Common toads (c) Tom Aspinall
The common toad (Bufo bufo) is widespread throughout the UK, including in the Community Science project area, although it is absent from the very highest ground.
Adults usually emerge in spring and migrate to ancestral breeding ponds on mild, damp evenings, using the same route every year. They prefer deep breeding ponds that do not dry out. Males wait near the pond and ‘piggy back’ on females making their way to the pond. Females lay eggs in strings of spawn that are fertilised by males as the female lays them and are then wrapped around vegetation. Strings of spawn can contain between 3 and 6 thousand eggs.
After mating, adults leave the pond and spend the summer and autumn in woodlands, scrub and rough grasslands, hunting for slugs, spiders and insects, preparing for winter. Larger toads can also take small vertebrates such as slow worms, small grass snakes and harvest mice. They are active at night and shelter under rocks and logs during the day.
Depending on weather conditions, tadpoles hatch two to four weeks after the eggs are laid. After about 16 weeks tadpoles grow legs and when they have absorbed their tails they also leave the pond, usually after it has rained. They also spend the autumn hunting in preparation for winter. Like other amphibians, toads hibernate over winter in dry frost free places in woodland, disused mammal burrows or in gaps under manmade objects such as compost heaps, sheds or log piles. In the wild, toads can live for up to 10 or 12 years.
Common toads have glands in their skin that produce toxins that are distasteful and deter most predators. However, some predators such as grass snakes are not affected by this and others such as otters, stoats and crows do take the toad but avoid or peel off the skin. Toad tadpoles also contain these skin chemicals and are therefore less likely to be eaten by fish so toads are often found in fishing ponds and other water bodies with fish populations.
Common toads are in decline in the UK. Threats are likely to include agricultural intensification, habitat fragmentation, habitat loss, chytrid disease, urbanisation as well as more road deaths during migration as traffic increases.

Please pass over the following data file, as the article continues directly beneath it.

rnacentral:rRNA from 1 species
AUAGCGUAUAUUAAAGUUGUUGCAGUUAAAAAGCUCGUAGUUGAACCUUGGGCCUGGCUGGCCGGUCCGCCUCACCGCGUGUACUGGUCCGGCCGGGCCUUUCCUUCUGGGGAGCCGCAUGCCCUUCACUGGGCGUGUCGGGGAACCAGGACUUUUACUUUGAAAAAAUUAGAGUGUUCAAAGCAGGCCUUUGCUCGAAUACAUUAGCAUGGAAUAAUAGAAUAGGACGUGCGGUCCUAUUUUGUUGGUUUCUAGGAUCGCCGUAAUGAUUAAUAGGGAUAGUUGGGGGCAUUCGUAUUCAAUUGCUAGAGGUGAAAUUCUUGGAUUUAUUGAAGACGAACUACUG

In Britain, the common toad is protected by law from sale and trade and is recognised in law as a species of principal importance for the purpose of conserving biodiversity.
- Males can grow up to about 8cm long whereas females can reach up to about 9cm. Occasionally individuals may be slightly larger than this.
- Colour varies from dark brown or olive-brown to light sandy green. Some individuals are very dark and others brick-red.
- They have warty skin that looks relatively dry.
- Eyes are copper/golden coloured and have two distinct lumps behind them.
- Toads tend to crawl rather than jump.
- Toads lay their spawn in long strings, not clumps.
The main confusion species is the common frog (Rana temporaria). Frogs are also variable in colour but have moist and smooth-looking skin, and two raised ridges along their back. Frogs jump rather than crawl, and lay their spawn in clumps.
In the UK the only other native toad species is the natterjack (Bufo calamita) which has a distinctive pale stripe along its back. The natterjack toad is restricted to coastal dune systems and sandy heaths, only occurring in small numbers on about 60 sites.
There are a handful of other non-native frogs and toads which are present in the UK, but are not widespread.
Why we’re interested
Changing climatic conditions may favour common toads in the UK and so they are expected to expand their distribution, including gaining territory in the Peak District area.
Records submitted to their survey will help to track changes in the distribution of the common toad in the Peak District and surrounding areas and help to determine whether this relates to changing climatic conditions.
Temperature also has an effect on the timing of events (phenology) of common toads, such as spring migration and breeding. Records collected in this survey will also be used to track whether the timing of events is changing and whether this is linked to changes in climatic conditions.
Further information about toads and climate can be found in 'Climate change modelling of English amphibians and reptiles: Report to Amphibian and Reptile Conservation Trust (ARC-Trust)'.